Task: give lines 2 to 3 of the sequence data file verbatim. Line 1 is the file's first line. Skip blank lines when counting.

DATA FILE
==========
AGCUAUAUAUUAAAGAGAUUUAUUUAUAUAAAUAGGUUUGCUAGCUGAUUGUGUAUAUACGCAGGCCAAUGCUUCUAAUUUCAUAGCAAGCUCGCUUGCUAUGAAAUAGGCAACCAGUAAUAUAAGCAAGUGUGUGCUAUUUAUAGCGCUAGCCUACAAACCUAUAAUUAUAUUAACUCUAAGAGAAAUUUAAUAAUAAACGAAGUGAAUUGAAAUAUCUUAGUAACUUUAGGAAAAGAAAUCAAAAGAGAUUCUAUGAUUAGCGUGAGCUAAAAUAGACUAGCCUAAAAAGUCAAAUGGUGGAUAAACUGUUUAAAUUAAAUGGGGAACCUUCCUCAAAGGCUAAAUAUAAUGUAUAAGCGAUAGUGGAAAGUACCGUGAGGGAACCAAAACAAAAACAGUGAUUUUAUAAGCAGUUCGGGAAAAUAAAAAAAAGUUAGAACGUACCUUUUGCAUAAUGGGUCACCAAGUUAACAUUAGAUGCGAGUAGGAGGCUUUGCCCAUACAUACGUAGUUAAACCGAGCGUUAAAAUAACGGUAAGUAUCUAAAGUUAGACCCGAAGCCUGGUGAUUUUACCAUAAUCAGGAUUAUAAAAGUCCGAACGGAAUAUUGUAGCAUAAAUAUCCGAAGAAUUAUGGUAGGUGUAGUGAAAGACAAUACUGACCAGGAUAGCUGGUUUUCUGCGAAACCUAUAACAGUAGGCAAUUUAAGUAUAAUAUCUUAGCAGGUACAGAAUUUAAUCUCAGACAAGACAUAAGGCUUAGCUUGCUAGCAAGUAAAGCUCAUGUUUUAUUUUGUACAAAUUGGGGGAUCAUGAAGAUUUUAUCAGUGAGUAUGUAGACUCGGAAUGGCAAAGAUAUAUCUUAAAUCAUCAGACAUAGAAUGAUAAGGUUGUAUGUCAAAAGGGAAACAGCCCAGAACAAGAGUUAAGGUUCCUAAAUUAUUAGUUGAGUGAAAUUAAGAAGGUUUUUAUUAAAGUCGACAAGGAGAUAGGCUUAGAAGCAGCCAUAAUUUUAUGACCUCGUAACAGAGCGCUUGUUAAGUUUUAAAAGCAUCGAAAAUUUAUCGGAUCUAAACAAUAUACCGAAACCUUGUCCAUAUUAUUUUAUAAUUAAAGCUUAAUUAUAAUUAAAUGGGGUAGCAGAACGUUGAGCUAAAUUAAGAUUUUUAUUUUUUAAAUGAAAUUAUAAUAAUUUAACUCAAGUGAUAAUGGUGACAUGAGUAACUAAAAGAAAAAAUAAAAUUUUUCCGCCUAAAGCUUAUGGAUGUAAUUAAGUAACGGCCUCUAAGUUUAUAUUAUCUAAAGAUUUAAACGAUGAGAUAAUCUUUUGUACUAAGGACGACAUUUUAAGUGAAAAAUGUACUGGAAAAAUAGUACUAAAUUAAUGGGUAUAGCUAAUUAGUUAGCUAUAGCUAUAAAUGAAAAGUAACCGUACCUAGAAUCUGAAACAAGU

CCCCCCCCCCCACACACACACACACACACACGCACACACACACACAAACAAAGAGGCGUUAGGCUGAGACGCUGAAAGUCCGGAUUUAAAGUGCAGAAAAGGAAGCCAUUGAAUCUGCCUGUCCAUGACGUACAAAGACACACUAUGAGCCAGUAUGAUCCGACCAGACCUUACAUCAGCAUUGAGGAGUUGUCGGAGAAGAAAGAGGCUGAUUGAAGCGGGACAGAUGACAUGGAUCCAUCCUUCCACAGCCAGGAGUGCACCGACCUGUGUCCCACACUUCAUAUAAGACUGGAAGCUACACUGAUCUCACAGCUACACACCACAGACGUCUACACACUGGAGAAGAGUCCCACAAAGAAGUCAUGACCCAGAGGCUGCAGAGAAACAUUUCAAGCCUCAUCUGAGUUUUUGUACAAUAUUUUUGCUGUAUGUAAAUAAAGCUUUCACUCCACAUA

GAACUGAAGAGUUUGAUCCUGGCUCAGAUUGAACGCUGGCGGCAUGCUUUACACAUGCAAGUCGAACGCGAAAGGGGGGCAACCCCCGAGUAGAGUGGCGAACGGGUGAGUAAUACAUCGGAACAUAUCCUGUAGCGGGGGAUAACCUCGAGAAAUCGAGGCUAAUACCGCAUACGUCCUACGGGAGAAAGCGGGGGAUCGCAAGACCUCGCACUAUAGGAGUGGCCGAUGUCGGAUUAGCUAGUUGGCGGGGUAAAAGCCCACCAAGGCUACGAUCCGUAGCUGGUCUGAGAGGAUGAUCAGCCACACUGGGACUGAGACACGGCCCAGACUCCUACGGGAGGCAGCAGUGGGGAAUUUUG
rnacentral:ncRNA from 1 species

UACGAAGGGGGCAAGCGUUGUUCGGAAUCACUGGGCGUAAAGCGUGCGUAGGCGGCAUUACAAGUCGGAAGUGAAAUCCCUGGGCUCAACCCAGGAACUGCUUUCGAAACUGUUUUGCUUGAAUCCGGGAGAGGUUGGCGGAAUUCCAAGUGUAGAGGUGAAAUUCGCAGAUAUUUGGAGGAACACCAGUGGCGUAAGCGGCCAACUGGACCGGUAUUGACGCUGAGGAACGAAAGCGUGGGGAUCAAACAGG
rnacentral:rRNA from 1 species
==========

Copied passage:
CCCCCCCCCCCACACACACACACACACACACGCACACACACACACAAACAAAGAGGCGUUAGGCUGAGACGCUGAAAGUCCGGAUUUAAAGUGCAGAAAAGGAAGCCAUUGAAUCUGCCUGUCCAUGACGUACAAAGACACACUAUGAGCCAGUAUGAUCCGACCAGACCUUACAUCAGCAUUGAGGAGUUGUCGGAGAAGAAAGAGGCUGAUUGAAGCGGGACAGAUGACAUGGAUCCAUCCUUCCACAGCCAGGAGUGCACCGACCUGUGUCCCACACUUCAUAUAAGACUGGAAGCUACACUGAUCUCACAGCUACACACCACAGACGUCUACACACUGGAGAAGAGUCCCACAAAGAAGUCAUGACCCAGAGGCUGCAGAGAAACAUUUCAAGCCUCAUCUGAGUUUUUGUACAAUAUUUUUGCUGUAUGUAAAUAAAGCUUUCACUCCACAUA

GAACUGAAGAGUUUGAUCCUGGCUCAGAUUGAACGCUGGCGGCAUGCUUUACACAUGCAAGUCGAACGCGAAAGGGGGGCAACCCCCGAGUAGAGUGGCGAACGGGUGAGUAAUACAUCGGAACAUAUCCUGUAGCGGGGGAUAACCUCGAGAAAUCGAGGCUAAUACCGCAUACGUCCUACGGGAGAAAGCGGGGGAUCGCAAGACCUCGCACUAUAGGAGUGGCCGAUGUCGGAUUAGCUAGUUGGCGGGGUAAAAGCCCACCAAGGCUACGAUCCGUAGCUGGUCUGAGAGGAUGAUCAGCCACACUGGGACUGAGACACGGCCCAGACUCCUACGGGAGGCAGCAGUGGGGAAUUUUG